FOOD. Science. Technology. Quality

Food. SCIENCE. Technology. Quality

Food. Science. TECHNOLOGY. Quality

Food. Science. Technology. QUALITY




Effect of edible protein-wax coating on quality of cold-stored broccoli


In the production of minimally processed fruits and vegetables (MPFV), the raw material is trimmed, peeled, washed, and cut. Therefore, no pre-treatment of fruits and vegetables at home is necessary and it is possible to quickly prepare a highly nutritionally valuable meal. However, tissue damage occurring during the processing of raw materials is the cause of high perishability of MPFV. To ensure the adequate quality and safety of minimally processed foods, it is required to maintain the highest standards of hygiene in food production and to keep products under the refrigeration conditions. It is also necessary to use additional methods of food preservation. The objective of this study was to investigate the possibility of using protein-wax coating to protect the quality of minimally processed broccoli. The broccoli heads were washed, cut in small parts, and coated through double dipping in an aqueous solution of the pea protein (10 % w/w), candelilla wax (2 % w/w), and sorbitol (5 % w/w). The coated and uncoated (control) vegetables were stored at 4 ºC in a relative humidity of ≈90 % for 21 days. The quality assessment of broccoli comprised the measurements of mass loss, content of ascorbic acid and chlorophyll, titratable acidity, pH, colour (CIE L*a*b*), and texture. It was evidenced that the coating of broccoli heads made it possible to significantly reduce the rate of loss of vitamin C, to cut the increase in acidity, and to limit a firmness loss in inflorescences during storage. However, the edible coating had no effect on reducing the mass loss and chlorophyll content. After the coating process completed, the colour of the surface of broccoli florets became darker. During the final stage of storing, the coated vegetables were significantly less yellow compared with the control samples. It was proved that the coating impacted some physiological and biochemical processes appearing allimportant regarding the commercial and consumption quality of broccoli. The ineffectiveness of coating in preventing loss results, most probably, from storing those vegetables under the conditions of high relative air humidity.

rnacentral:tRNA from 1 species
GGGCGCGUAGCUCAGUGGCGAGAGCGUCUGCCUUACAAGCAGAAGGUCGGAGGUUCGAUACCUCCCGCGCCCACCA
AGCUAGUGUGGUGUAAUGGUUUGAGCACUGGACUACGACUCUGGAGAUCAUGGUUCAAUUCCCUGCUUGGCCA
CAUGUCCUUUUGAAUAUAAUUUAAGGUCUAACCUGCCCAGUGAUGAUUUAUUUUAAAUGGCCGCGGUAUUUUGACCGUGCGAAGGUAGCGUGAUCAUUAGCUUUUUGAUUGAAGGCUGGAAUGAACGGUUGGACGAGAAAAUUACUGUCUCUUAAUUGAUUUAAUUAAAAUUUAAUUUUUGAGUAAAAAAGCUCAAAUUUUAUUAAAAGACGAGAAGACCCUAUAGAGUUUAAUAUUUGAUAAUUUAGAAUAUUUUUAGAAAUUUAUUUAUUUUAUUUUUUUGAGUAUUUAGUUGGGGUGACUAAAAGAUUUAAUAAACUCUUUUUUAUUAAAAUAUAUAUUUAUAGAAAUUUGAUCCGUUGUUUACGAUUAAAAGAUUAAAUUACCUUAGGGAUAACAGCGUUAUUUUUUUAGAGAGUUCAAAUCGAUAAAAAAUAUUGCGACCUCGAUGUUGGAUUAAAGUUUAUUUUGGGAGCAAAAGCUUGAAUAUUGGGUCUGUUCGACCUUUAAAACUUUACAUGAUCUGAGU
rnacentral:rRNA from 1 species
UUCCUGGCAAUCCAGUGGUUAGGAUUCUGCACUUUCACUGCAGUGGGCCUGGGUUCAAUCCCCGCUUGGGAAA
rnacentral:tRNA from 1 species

broccoli, edible coatings, pea proteins, candellila wax, cool storage quality